1. The man I owe my life to
A person lying prostrate after a sudden cardiac arrest, surrounded by others frantically trying to revive them. This is a scene that became very real to me when I collapsed on the pitch during an FA Cup quarter-final against Tottenham Hotspur six years ago, on 17 March 2012.
The medical staff who treated me that night were incredible and I will forever be indebted to them. But I also owe my life to Professor Frank Pantridge, the man who invented the portable defibrillator; a device that has helped save millions of lives across the world over the past 50 years.
It’s now half a century on from the first time Frank Pantridge's portable defibrillator was used in an ambulance. So how did his invention come about and what is his legacy today?
2. The father of emergency medicine
Frank Pantridge's portable defibrillator has been used to save lives around the world, leading to him being dubbed 'the father of emergency medicine'.
3. The night I 'died'
It was six years ago, but I remember it like it was yesterday. 17 March 2012 is a date that will be forever etched in my mind, as it was the day my life changed completely when my heart stopped for 78 minutes.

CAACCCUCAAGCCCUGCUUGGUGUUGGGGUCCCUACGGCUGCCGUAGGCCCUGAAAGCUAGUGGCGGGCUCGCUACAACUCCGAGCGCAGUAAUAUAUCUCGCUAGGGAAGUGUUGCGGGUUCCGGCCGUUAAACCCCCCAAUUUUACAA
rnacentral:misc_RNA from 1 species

Fabrice Muamba reflects on the night when he was 'clinically dead' for more than an hour.
4. Pantridge's influence today
Frank Pantridge was a remarkable man. Even before he began his medical career, he had fought in World War Two, where he received the Military Cross and survived brutal conditions in a Japanese POW camp.
He died in 2004, but his contribution to cardiology lives on. Portable defibrillators are used throughout the world to save lives today, and the process emergency departments still use to treat out-of-hospital cardiac arrest is referred to as the 'Belfast Protocol'.
The late Professor John Anderson worked with Frank Pantridge in Belfast during the 1960s and 70s. He founded HeartSine Technologies in 1998, which manufacturers defibrillators (also known as automated external defibrillators - AEDs). Every life saved by a HeartSine defibrillator is recorded by the firm (who recently merged with the Washington based company Physio-Control). When data from the device is relayed back to Northern Ireland, the people who made it are given a round of applause.
When someone goes into cardiac arrest, every minute without CPR and defibrillation reduces their chances of survival by 10%, so it is vital we continue to build on Frank Pantridge's legacy by having more portable defibrillators readily available.